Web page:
Outside of the Foot Pass - Basics
The “outside of the foot” or side-foot pass is the most technically demanding passing technique.
Passes at full speed can be done easier with the outside of the foot than with the full instep kick or “inside of the foot” pass, particularly in the close distance. The “outside of the foot” pass is suitable for, amongst others, spin balls, free kicks, shots on goal (including from larger distances) and volleys.
Note: the “outside of the foot” pass is often employed to avoid kicking with the “weaker” foot. This fact must be taken into consideration when training youngsters. The “outside of the foot” pass may only be used where the situation demands it and in a sensible manner.
- A. The ball is approached frontally. There is no bending of the leg or else just a small bend.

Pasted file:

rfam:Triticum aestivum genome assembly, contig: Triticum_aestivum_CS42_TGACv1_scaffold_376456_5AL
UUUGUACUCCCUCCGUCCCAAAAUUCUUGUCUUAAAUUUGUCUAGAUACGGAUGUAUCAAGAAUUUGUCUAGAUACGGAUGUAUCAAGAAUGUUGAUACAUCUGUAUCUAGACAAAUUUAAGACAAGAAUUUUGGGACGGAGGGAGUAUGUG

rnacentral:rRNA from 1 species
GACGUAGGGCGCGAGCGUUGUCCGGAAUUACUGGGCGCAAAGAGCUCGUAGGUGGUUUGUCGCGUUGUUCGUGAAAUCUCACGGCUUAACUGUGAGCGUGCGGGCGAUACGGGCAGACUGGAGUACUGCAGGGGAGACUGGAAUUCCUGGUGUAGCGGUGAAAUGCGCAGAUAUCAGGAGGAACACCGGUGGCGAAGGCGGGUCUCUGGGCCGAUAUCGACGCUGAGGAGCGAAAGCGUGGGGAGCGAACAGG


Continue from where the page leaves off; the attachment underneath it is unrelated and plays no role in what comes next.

- B. The upper body is bent slightly over the ball.
- 1. The supporting leg/foot is placed on a level with the ball, but at a distance. This is because the kicking foot needs some internal legroom in order to hit the ball.
- 2. The body weight is shifted onto the supporting leg.
- 3. The supporting leg is bent slightly.
- 1. The kicking leg is slightly or even strongly (hard!) angled and lifted.
- 2. The toes are turned inwards in the direction of the supporting leg.
- 3. The ball is struck using the middle of the outside of the foot.
- 1. Too much bending on contact.
- 2. The kicking leg is not angled enough or properly swung though.
- 3. The toes of the kicking foot are not turned sufficiently in the direction of the supporting leg.